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PostPosted: Tue Mar 05, 2013 7:28 pm 
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Joined: Tue Nov 14, 2006 8:11 pm
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Location: Hobbiton-on-the-Water
Richards' Bicycle Book - lots of nice pics of state of the art kit from BITD. You can pick it up pretty cheaply of fleabay.

Whilst not strictly an MTB book It's All About the Bike by Robert Penn will no doubt strike a chord for most people on here


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PostPosted: Mon Mar 11, 2013 4:59 am 
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Location: California
Signed the contract with Velo Press for a book on my bicycling activities between 1970 and 1990, a most interesting time. Need to sell a few to recoup the advance.


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PostPosted: Wed Mar 13, 2013 9:17 pm 
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Joined: Sat Dec 08, 2012 2:04 pm
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Location: stockton on tees
i for one will be purchasing a copy when possible. being only 22 years young i was far from being even a twinkle in my fathers eye when you were shredding down those hills on klunkers, so to learn about the roots from which the sport grew, from the guy who was their himself and instigated many movements within the field alongside the likes of fisher, is something that cant come soon enough.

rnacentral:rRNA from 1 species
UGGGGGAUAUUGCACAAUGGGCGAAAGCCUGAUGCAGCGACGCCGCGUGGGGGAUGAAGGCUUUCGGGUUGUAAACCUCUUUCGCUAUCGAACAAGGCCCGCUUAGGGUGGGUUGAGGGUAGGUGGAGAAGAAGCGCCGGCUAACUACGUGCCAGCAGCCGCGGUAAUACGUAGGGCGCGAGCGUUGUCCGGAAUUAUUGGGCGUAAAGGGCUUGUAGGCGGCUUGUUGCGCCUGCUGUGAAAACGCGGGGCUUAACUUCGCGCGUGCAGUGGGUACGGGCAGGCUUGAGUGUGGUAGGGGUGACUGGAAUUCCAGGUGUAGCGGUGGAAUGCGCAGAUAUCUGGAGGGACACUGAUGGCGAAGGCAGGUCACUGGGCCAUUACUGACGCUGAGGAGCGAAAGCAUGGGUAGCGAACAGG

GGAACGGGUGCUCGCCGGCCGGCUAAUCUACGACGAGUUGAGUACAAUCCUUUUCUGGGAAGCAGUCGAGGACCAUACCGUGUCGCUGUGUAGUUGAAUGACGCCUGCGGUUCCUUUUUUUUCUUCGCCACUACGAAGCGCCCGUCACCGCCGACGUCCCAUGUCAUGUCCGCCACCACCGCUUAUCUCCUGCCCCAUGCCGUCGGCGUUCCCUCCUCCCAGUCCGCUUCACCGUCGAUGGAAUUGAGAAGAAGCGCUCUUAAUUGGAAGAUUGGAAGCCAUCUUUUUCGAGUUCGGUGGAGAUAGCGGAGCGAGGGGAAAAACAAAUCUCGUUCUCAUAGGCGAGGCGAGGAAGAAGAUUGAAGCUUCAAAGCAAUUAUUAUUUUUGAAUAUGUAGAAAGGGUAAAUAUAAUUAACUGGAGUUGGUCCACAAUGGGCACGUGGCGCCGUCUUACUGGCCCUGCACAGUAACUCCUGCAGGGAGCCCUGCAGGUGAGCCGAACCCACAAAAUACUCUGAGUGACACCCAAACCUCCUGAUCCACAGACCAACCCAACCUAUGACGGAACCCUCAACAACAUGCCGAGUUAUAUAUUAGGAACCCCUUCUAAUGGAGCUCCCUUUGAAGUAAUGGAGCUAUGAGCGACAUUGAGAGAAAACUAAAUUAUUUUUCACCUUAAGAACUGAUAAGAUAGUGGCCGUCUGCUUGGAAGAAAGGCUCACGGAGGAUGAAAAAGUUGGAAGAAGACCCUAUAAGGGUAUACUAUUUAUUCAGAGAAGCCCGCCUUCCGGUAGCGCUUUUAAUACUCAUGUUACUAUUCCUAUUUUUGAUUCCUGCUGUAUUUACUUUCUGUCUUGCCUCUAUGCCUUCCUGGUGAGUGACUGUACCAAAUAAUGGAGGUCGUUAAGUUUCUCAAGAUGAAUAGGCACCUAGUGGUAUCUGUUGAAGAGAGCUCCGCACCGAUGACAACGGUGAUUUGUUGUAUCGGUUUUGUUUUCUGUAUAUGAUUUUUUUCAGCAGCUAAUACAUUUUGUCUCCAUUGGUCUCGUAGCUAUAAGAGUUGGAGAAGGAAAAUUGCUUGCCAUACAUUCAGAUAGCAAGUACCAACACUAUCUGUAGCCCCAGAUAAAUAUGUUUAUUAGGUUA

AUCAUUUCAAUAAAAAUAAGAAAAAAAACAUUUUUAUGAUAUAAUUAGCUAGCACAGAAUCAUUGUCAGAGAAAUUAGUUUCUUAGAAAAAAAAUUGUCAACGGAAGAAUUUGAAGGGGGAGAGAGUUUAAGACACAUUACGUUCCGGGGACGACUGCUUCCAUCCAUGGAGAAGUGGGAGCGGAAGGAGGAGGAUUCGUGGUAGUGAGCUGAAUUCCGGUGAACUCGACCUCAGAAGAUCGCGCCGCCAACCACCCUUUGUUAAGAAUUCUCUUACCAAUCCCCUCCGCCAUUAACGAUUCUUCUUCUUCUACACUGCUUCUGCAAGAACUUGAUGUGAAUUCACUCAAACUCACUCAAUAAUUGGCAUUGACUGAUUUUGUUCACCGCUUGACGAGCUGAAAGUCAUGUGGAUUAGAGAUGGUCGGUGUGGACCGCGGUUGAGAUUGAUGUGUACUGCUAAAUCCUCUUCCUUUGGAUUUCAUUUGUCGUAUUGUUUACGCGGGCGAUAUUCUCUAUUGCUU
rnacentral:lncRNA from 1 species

incidentally, my first "proper bike" was a fisher, so will be moreso intrigued to see what other info you shall be sharing with us on gary fisher :)


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PostPosted: Wed Mar 13, 2013 10:41 pm 
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dav101 wrote:
intrigued to see what other info you shall be sharing with us on gary fisher


You wouldn't want to know everything I know about Gery, and he wouldn't want me to tell you. :D


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PostPosted: Wed Mar 13, 2013 11:57 pm 
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Location: stockton on tees
Repack Rider wrote:
dav101 wrote:
intrigued to see what other info you shall be sharing with us on gary fisher


You wouldn't want to know everything I know about Gery, and he wouldn't want me to tell you. :D


i understand, some secrets should be kept as such :wink:

cant wait for the first publication, i see in your earlier post you put around 6 months, i've already read the main page of your site and the article "the art of mountain bikes", and will make my way through the subsequent articles over the next few days, having a bad back gives you a lot of spare time :lol: , so for me it can't come quick enough :)


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PostPosted: Mon Mar 18, 2013 5:50 pm 
Gold Trader / MacRetro rider
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Joined: Thu May 06, 2010 10:05 pm
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Location: Aberdeen
Radar wrote:
Richards' Bicycle Book - lots of nice pics of state of the art kit from BITD. You can pick it up pretty cheaply of fleabay.


Do you mean Richards' Bicycle Repair Manual? by Richard Ballantine & Richard Grant, Published by Dorling Kindersley, 1994, ISBN 0-7513-0087-x
Quite a good book for repairs to retro bikes, plenty of good colour pictures, and if you can pick up a copy cheaply on eBay then it's definately worth a look.

The Mountain Biking Handbook - By Barry Ricketts, published by Arena Press, 1988, ISBN 1-85443-005-x
Contains information about bike and component choice, component fitting and repair, planning a ride etc it covers all bases really and is quite a fun read, and it has some great pictures of folk in neon lycra :lol: